Before the sauce is complete, you’ll want to give it time for the flavors to meld, and for the sauce to thicken a bit.
- Taste and season!
Don’t skip this important step. Your green chili sauce may need a little extra salt, or maybe some vinegar or lemon juice for acidity. You won’t know until you taste it!
If the consistency seems too thick, stir in a tablespoon of stock or water at a time until it’s the way you like it.
Uses for Green Enchilada Sauce
This recipe is a favorite of mine because it’s so versatile. Here are just a few recipes you can use it in:
- Obviously, use it to make the best green chile chicken enchiladas you’ve ever eaten!
- Drizzle it over shredded chicken tacos or grilled chicken tostadas
- It’s fantastic with chilaquiles and on scrambled eggs
- Thin it out to use as a quick meat marinade or salad dressing
If you want to step it up with a more traditional way of making enchilada sauce, check out my authentic red enchilada sauce. It’s a little more work to make, but well worth the time.
If you’d like a spicier sauce, check out my recipe for roasted salsa verde, too. All you do is thin it a bit with chicken stock until you have the consistency you prefer. Enjoy!
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Green Enchilada Sauce + Video
- Peel the outer skins off the onion and garlic and discard.
- Line a baking sheet with parchment paper or foil and add the green chiles, garlic, jalapeño and onion. Place under the broiler until charred all over, turning over half way through, about 10 minutes.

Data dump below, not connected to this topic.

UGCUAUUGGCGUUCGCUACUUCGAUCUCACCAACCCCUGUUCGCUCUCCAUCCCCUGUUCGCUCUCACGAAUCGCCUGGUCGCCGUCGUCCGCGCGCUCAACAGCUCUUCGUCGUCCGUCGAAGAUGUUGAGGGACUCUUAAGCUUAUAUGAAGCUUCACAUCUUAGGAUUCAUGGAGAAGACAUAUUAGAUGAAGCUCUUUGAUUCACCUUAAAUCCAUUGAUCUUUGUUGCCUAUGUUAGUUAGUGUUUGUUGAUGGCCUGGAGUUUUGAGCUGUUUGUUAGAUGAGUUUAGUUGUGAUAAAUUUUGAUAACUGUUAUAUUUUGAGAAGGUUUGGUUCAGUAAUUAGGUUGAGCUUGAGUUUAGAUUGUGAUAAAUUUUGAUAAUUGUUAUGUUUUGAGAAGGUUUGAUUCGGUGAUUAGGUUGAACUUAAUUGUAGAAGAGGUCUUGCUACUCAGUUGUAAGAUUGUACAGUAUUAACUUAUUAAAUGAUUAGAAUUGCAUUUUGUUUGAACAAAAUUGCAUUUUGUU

- Remove from broiler, cover with foil and allow to rest and steam for 5 minutes. Peel and rub the charred skins off of the green chiles as best you can. (See Note 4)
- Place all the roasted green chiles, garlic, jalapeño, onion, cilantro, cumin, oregano, kosher salt and chicken stock in a food processor, blender or Vitamix, and pulse until smooth. If you prefer it a little smoother, then add more chicken stock to suit your needs.
- Pour the mixture into a saucepan with the oil and simmer on low for 15 minutes. Remove from heat and allow to cool. Season to taste with salt. Optional: add a teaspoon of white vinegar or lime juice to adjust taste to your liking.
- Hatch Chiles as well as Poblanos can be substituted for the Anaheim chiles. I prefer a combo.
- If you’d like this spicier, substitute a Serrano chile or if milder, omit the jalapeño all together.
- Mexican oregano is a relative of Lemon Verbena and is native to Mexico. Similar in that it’s pungent like Mediterranean oregano, Mexican oregano has notes of mild licorice and citrus. Mediterranean oregano is a member of the mint family and most often is used in Greek and Italian recipes. Mediterranean oregano is the one most found in spice racks and supermarkets.
- If you prefer the sauce to be milder, make a vertical slice into each chile and remove the seeds and membrane.
- Optional: add a teaspoon of white vinegar or lime juice to adjust taste to your liking.
The information shown is an estimate provided by an online nutrition calculator. It should not be considered a substitute for a professional nutritionist’s advice.